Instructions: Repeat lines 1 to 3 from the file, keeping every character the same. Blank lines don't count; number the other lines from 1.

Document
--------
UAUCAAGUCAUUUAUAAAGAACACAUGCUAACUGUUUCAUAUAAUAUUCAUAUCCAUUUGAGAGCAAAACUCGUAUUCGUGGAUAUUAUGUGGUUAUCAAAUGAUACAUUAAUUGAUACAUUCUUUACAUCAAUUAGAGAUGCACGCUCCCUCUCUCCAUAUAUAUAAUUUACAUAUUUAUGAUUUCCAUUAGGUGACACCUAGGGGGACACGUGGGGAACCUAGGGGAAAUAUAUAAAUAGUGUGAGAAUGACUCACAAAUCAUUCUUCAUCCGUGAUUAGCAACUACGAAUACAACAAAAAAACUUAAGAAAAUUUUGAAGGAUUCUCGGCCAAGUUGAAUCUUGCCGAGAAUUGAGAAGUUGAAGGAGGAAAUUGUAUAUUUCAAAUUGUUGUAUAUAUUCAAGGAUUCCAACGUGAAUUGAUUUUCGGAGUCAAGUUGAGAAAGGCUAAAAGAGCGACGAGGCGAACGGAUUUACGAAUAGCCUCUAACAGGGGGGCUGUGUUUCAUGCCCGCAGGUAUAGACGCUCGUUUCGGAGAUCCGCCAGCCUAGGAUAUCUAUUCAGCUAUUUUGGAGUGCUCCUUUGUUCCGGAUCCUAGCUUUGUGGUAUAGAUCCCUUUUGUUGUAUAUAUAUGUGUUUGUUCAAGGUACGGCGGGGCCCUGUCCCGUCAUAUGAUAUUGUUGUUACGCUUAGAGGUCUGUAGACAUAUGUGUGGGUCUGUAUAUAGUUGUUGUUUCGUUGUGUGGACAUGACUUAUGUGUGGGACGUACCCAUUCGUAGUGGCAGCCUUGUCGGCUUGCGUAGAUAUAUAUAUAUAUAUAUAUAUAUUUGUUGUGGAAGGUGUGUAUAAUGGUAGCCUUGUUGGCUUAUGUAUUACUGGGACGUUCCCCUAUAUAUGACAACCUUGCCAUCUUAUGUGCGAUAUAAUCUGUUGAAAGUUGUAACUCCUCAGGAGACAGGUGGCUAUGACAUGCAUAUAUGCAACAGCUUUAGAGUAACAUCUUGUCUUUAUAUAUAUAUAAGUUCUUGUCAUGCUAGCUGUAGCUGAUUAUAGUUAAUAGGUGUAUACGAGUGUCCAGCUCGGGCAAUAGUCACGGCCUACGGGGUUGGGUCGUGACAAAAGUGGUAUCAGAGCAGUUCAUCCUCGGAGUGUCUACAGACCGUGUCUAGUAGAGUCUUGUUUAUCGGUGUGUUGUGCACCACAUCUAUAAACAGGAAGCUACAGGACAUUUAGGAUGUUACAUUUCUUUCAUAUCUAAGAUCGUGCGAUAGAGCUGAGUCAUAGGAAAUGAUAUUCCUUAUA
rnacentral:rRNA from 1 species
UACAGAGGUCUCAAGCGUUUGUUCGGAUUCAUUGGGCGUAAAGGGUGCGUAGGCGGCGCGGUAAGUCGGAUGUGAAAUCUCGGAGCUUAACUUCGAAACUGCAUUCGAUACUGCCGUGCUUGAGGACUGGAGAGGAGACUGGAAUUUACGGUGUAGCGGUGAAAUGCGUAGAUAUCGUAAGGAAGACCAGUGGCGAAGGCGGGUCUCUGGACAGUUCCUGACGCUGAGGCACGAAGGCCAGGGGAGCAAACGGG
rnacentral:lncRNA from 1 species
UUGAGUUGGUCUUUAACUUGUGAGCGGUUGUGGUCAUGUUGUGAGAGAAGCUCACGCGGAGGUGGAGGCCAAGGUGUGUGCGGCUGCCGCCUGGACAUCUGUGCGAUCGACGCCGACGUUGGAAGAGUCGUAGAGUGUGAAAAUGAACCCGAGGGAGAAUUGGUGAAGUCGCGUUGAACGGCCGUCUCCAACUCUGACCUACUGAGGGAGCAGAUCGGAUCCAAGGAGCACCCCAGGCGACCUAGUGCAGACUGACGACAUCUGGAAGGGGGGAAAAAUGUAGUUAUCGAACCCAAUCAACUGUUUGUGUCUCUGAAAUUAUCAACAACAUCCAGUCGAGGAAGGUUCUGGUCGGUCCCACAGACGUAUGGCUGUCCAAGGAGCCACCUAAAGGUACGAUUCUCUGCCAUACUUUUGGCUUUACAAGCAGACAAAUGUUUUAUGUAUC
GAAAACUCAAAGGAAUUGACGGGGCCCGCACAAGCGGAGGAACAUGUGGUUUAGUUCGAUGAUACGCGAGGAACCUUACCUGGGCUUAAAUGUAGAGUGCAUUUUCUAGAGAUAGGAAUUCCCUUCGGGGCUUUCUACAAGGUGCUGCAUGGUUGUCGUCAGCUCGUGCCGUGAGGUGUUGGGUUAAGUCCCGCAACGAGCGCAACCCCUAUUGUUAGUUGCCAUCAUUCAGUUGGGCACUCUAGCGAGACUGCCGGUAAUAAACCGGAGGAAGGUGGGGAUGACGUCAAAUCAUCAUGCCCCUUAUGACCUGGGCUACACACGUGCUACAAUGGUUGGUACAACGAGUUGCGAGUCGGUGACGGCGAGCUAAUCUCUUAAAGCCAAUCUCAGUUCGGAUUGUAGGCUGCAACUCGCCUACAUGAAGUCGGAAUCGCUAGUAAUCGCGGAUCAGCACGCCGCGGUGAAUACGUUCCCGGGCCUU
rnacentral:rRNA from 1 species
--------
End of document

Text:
UAUCAAGUCAUUUAUAAAGAACACAUGCUAACUGUUUCAUAUAAUAUUCAUAUCCAUUUGAGAGCAAAACUCGUAUUCGUGGAUAUUAUGUGGUUAUCAAAUGAUACAUUAAUUGAUACAUUCUUUACAUCAAUUAGAGAUGCACGCUCCCUCUCUCCAUAUAUAUAAUUUACAUAUUUAUGAUUUCCAUUAGGUGACACCUAGGGGGACACGUGGGGAACCUAGGGGAAAUAUAUAAAUAGUGUGAGAAUGACUCACAAAUCAUUCUUCAUCCGUGAUUAGCAACUACGAAUACAACAAAAAAACUUAAGAAAAUUUUGAAGGAUUCUCGGCCAAGUUGAAUCUUGCCGAGAAUUGAGAAGUUGAAGGAGGAAAUUGUAUAUUUCAAAUUGUUGUAUAUAUUCAAGGAUUCCAACGUGAAUUGAUUUUCGGAGUCAAGUUGAGAAAGGCUAAAAGAGCGACGAGGCGAACGGAUUUACGAAUAGCCUCUAACAGGGGGGCUGUGUUUCAUGCCCGCAGGUAUAGACGCUCGUUUCGGAGAUCCGCCAGCCUAGGAUAUCUAUUCAGCUAUUUUGGAGUGCUCCUUUGUUCCGGAUCCUAGCUUUGUGGUAUAGAUCCCUUUUGUUGUAUAUAUAUGUGUUUGUUCAAGGUACGGCGGGGCCCUGUCCCGUCAUAUGAUAUUGUUGUUACGCUUAGAGGUCUGUAGACAUAUGUGUGGGUCUGUAUAUAGUUGUUGUUUCGUUGUGUGGACAUGACUUAUGUGUGGGACGUACCCAUUCGUAGUGGCAGCCUUGUCGGCUUGCGUAGAUAUAUAUAUAUAUAUAUAUAUAUUUGUUGUGGAAGGUGUGUAUAAUGGUAGCCUUGUUGGCUUAUGUAUUACUGGGACGUUCCCCUAUAUAUGACAACCUUGCCAUCUUAUGUGCGAUAUAAUCUGUUGAAAGUUGUAACUCCUCAGGAGACAGGUGGCUAUGACAUGCAUAUAUGCAACAGCUUUAGAGUAACAUCUUGUCUUUAUAUAUAUAUAAGUUCUUGUCAUGCUAGCUGUAGCUGAUUAUAGUUAAUAGGUGUAUACGAGUGUCCAGCUCGGGCAAUAGUCACGGCCUACGGGGUUGGGUCGUGACAAAAGUGGUAUCAGAGCAGUUCAUCCUCGGAGUGUCUACAGACCGUGUCUAGUAGAGUCUUGUUUAUCGGUGUGUUGUGCACCACAUCUAUAAACAGGAAGCUACAGGACAUUUAGGAUGUUACAUUUCUUUCAUAUCUAAGAUCGUGCGAUAGAGCUGAGUCAUAGGAAAUGAUAUUCCUUAUA
rnacentral:rRNA from 1 species
UACAGAGGUCUCAAGCGUUUGUUCGGAUUCAUUGGGCGUAAAGGGUGCGUAGGCGGCGCGGUAAGUCGGAUGUGAAAUCUCGGAGCUUAACUUCGAAACUGCAUUCGAUACUGCCGUGCUUGAGGACUGGAGAGGAGACUGGAAUUUACGGUGUAGCGGUGAAAUGCGUAGAUAUCGUAAGGAAGACCAGUGGCGAAGGCGGGUCUCUGGACAGUUCCUGACGCUGAGGCACGAAGGCCAGGGGAGCAAACGGG